Goodbye MissingReferenceException! Hello, Automated Validation in Unity.

Darren Tsung
The Unity Developer’s Handbook
5 min readJun 13, 2017


It’s late on a Friday. You’ve finally found the fix for that bug you’ve been looking at all week. Code. Commit. Push. You lean back into your chair and congratulate yourself on a job well done.

Two weeks later, you realize that your fix broke a poorly tested button callback. That parameter you added to the SendHelpEmail() method had unforeseen consequences. For days, customers have been pressing the “Get Help” button, only to have nothing happen in response.


The culprit here is serialization, the way Unity saves the raw data which forms the prefabs and scenes that make up the games we know and love. It’s far too easy for a developer to delete an old asset or change a simple method and accidentally break a flow somewhere in the project, especially for bigger and more complex projects and teams.

How bad can these mistakes be? Sure, a developer might catch it after a quick editor play-through. Or maybe QA finds the bug before release. But if the bug makes it out into the wild customers will be forced to live with a broken game for days until the new build is fixed, tested, and finally approved.

If you want to ship fast and often, there has to be a better way to prevent these mistakes from happening. How can we release products with confidence?

Enter Automated Validation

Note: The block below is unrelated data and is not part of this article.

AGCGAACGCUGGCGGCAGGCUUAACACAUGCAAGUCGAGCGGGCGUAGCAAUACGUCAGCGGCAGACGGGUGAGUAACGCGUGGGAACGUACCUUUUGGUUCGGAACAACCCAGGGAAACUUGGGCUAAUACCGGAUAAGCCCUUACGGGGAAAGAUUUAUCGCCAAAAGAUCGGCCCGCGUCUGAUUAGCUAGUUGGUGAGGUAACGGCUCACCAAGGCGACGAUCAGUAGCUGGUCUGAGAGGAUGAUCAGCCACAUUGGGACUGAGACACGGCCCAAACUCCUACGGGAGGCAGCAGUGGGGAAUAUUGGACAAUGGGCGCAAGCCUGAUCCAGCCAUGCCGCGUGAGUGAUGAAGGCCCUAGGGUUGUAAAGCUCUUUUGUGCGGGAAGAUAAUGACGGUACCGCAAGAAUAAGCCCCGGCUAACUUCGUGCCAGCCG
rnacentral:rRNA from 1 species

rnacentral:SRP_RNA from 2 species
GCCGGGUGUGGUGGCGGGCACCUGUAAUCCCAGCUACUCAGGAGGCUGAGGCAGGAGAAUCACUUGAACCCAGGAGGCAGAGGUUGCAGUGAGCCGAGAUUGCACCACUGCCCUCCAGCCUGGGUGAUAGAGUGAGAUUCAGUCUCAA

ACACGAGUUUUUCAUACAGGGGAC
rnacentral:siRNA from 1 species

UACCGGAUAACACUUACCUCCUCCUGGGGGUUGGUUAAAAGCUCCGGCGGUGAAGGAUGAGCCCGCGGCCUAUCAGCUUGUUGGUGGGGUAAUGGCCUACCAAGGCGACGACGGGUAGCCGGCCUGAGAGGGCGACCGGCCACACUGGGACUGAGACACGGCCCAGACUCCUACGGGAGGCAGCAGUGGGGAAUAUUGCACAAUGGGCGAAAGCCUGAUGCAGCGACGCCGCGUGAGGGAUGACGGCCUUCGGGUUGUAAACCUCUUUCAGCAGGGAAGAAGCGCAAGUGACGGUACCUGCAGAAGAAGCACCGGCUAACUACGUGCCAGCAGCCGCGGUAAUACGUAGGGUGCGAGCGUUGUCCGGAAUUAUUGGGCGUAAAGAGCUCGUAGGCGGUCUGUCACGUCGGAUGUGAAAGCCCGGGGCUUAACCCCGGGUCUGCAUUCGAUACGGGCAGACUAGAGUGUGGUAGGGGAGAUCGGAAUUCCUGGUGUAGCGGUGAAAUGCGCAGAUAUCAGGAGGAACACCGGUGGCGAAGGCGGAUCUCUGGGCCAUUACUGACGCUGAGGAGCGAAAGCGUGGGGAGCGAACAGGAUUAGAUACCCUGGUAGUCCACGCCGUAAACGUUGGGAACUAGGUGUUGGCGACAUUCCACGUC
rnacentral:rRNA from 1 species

The heart of the problem lies in understanding how Unity serializes assets. For each asset inside a Unity project, there is a corresponding .meta file. In that .meta file, there is a value named guid which is a globally unique identifier. So when Unity saves a reference to an asset like a script or a prefab, it‘s actually saving the guid of the asset’s .meta file. If the asset is renamed or moved, Unity looks for a .meta file with the same name in the same folder. If that .meta file isn’t found, Unity treats it as a new asset and all previous references are broken.

So what happens if a script reference is broken? The attached script no longer matches any guid, so the type is lost and the script instance can’t be created. Instead the inspector will show a “Missing Mono Script” notification.

But missing scripts aren’t the only thing that can break. A similar system is also used when serializing links to GameObjects or Components within a scene, except the ids are not globally unique, but unique within the scene. Whenever there is a serialized UnityEngine.Object field in the inspector, there is a corresponding drag-and-drop outlet that needs to be fill out. If a component is removed or a GameObject is deleted, the referencing fields will be broken. Since these fields are usually exposed by developers for a reason, when an outlet is broken or missing it should raise a red flag.

Lastly, there are serialized UnityEvents. They serialize both a UnityEngine.Object target and a method call, so not only can you break the target reference, but you can also break the event by changing the method.

Now we have a set of cases for the validator to catch. How do we dynamically validate the components and fields? To start off: we need to retrieve all the components. A quick breath-first-search of the hierarchy tree will visit all GameObjects, and a call to GetComponents<Component>() will grab their components. For every component that is null, we have a missing MonoScript!